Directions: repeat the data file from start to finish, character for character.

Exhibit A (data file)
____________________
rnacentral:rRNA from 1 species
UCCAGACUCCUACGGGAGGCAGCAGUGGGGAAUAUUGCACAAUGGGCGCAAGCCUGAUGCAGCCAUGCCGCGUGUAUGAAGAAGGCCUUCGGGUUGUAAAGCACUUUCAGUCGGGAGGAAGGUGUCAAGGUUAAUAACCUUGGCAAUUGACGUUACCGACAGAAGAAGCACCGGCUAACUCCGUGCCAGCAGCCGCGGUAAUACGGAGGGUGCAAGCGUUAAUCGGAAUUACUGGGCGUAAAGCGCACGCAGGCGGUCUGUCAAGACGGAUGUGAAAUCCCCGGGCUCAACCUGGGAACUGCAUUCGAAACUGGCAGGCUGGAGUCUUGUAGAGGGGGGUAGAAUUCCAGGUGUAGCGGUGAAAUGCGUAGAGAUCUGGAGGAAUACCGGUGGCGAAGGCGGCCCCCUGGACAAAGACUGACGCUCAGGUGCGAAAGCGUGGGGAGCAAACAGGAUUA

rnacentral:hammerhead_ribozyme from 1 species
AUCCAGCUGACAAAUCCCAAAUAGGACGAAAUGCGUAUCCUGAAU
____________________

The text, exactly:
rnacentral:rRNA from 1 species
UCCAGACUCCUACGGGAGGCAGCAGUGGGGAAUAUUGCACAAUGGGCGCAAGCCUGAUGCAGCCAUGCCGCGUGUAUGAAGAAGGCCUUCGGGUUGUAAAGCACUUUCAGUCGGGAGGAAGGUGUCAAGGUUAAUAACCUUGGCAAUUGACGUUACCGACAGAAGAAGCACCGGCUAACUCCGUGCCAGCAGCCGCGGUAAUACGGAGGGUGCAAGCGUUAAUCGGAAUUACUGGGCGUAAAGCGCACGCAGGCGGUCUGUCAAGACGGAUGUGAAAUCCCCGGGCUCAACCUGGGAACUGCAUUCGAAACUGGCAGGCUGGAGUCUUGUAGAGGGGGGUAGAAUUCCAGGUGUAGCGGUGAAAUGCGUAGAGAUCUGGAGGAAUACCGGUGGCGAAGGCGGCCCCCUGGACAAAGACUGACGCUCAGGUGCGAAAGCGUGGGGAGCAAACAGGAUUA

rnacentral:hammerhead_ribozyme from 1 species
AUCCAGCUGACAAAUCCCAAAUAGGACGAAAUGCGUAUCCUGAAU